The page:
US 4741040 A
A bass-reflex loudspeaker system in which, by the addition of a corrective network (7) to an arrangement of a transducer (1) accommodated in a bass-reflex enclosure (2), which transducer is dimensioned such that it cannot be bass-reflexed by means of the bass-reflex enclosure, it is possible to simulate a set-up of an imaginary transducer which is housed in the said bass-reflex enclosure and which has a much greater frequency range Hf (f) than the aforesaid arrangement.
1. An arrangement for the conversion of an electrical signal into an acoustic signal, comprising an electro-acoustic transducer fitted in a housing, characterised in that the housing is a bass-reflex enclosure and comprises an opening so that the transducer, if accommodated in the aforesaid enclosure with its opening closed, possesses a quality factor greater than 0.85, and means connecting at its input a corrective network whose frequency characteristic corresponds to the frequency characteristic of the transmission of the series connection of a first network and a second network in which the frequency characteristic of the first network is at least approximately the inverse of the frequency characteristic of transmission from the input of the transducer to the acceleration of the diaphragm of the transducer housed in the bass-reflex-enclosure and the frequency characteristic of the second network corresponds at least approximately to the frequency characteristic of the transmission of an imaginary converter which, if accommodated in the said enclosure with its opening closed, has a quality factor which is smaller than 0.75.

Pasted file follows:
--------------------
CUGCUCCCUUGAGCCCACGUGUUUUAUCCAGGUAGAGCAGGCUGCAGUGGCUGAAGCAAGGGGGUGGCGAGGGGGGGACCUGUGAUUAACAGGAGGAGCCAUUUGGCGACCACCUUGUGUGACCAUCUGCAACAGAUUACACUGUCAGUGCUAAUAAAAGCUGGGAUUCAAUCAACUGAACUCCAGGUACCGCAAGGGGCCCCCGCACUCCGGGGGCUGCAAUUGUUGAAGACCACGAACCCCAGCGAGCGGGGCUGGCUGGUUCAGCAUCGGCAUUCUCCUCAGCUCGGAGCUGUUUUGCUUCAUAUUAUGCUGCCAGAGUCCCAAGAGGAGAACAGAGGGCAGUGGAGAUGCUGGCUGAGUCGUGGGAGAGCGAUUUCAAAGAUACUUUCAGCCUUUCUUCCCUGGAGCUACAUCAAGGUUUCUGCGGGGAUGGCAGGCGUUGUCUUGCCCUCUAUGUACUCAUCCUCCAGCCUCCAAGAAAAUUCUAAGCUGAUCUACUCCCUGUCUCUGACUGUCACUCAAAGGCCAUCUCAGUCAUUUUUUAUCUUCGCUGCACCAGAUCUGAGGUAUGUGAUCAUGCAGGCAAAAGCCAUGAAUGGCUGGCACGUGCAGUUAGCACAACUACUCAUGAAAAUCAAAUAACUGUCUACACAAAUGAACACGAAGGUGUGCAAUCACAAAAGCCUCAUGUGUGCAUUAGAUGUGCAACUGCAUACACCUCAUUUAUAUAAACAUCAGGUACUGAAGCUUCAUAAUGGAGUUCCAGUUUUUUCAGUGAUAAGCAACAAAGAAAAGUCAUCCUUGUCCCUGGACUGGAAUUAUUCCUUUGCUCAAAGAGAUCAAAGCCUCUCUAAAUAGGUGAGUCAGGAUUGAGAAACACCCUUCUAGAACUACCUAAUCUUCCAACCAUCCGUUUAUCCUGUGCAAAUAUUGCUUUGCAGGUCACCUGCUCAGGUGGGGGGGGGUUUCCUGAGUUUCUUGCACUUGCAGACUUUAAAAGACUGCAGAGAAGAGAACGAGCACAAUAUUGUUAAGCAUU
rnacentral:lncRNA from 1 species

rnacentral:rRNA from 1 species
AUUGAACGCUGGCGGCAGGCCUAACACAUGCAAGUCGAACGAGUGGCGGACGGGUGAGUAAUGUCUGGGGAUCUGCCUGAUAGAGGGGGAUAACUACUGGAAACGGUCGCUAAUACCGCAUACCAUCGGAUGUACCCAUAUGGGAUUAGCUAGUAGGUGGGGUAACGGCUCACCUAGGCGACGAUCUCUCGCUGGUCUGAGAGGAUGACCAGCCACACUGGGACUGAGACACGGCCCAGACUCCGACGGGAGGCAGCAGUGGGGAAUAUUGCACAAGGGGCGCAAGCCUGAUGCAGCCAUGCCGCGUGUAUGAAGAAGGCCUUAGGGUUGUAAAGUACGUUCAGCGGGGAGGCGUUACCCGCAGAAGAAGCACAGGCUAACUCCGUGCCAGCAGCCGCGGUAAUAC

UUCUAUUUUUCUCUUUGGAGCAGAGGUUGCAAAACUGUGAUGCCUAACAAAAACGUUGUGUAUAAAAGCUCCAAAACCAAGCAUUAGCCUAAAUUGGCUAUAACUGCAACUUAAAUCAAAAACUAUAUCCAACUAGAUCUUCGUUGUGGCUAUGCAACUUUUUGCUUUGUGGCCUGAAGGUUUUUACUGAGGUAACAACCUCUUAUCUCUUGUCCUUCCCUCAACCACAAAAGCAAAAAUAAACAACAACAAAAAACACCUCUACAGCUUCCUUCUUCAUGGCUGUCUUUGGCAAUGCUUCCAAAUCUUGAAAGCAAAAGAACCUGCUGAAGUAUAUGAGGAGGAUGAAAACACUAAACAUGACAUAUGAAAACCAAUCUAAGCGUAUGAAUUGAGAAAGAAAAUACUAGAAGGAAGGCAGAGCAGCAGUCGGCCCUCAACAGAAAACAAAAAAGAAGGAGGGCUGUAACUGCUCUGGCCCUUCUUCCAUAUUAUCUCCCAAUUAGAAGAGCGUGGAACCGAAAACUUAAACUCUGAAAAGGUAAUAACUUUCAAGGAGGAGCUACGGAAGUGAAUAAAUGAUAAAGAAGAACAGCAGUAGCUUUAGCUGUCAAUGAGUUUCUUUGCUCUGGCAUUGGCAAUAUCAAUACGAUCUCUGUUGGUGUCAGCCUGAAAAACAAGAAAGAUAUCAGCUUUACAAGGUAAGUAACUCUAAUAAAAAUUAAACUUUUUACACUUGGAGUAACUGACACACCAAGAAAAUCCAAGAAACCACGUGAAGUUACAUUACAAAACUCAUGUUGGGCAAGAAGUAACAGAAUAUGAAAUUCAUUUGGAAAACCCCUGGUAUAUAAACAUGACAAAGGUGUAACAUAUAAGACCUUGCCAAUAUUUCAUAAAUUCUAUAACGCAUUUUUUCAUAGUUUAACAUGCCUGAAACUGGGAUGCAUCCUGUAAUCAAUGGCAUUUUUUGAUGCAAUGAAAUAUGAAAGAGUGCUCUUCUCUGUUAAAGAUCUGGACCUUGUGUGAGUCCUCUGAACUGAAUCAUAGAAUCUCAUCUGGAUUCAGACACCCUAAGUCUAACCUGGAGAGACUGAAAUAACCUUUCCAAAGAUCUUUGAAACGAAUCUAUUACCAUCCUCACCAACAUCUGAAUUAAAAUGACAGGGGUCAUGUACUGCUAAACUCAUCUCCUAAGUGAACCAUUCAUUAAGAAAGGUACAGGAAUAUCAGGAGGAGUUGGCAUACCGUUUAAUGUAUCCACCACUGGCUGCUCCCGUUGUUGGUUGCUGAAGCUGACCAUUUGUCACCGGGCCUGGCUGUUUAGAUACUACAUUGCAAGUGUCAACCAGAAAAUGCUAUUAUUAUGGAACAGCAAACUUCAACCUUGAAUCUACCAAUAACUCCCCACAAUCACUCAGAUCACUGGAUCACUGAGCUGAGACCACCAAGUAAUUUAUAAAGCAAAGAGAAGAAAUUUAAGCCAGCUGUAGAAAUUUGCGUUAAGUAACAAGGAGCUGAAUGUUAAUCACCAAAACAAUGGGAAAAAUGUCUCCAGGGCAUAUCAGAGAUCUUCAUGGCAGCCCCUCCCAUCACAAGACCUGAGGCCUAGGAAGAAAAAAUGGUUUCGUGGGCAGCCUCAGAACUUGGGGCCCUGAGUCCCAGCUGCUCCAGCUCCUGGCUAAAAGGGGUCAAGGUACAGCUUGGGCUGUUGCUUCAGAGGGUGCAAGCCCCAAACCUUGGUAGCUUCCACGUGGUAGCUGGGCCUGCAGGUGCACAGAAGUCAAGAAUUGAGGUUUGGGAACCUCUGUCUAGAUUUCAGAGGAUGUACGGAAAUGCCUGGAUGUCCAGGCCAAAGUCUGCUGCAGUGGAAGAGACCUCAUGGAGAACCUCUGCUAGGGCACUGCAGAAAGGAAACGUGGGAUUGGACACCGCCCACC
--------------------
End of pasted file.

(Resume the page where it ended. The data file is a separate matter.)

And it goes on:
2. An arrangement as claimed in claim 1, characterized in that a passive radiator is mounted in the opening.
This is a continuation of application Ser. No. 872,773, filed June 10, 1986, now abandoned.
The invention relates to an arrangement for the conversion of an electrical signal into an acoustic signal, with an electro-acoustic transducer installed in a housing. It is known that electro-acoustic transducers may be accommodated in a closed housing. For that purpose such transducers are designed so that, when installed in the closed housing, they possess a quality factor greater than 0.85 and preferably about 1. The arrangement has a frequency range extending from a certain lower-limit frequency fo to a certain upper-limit frequency fb.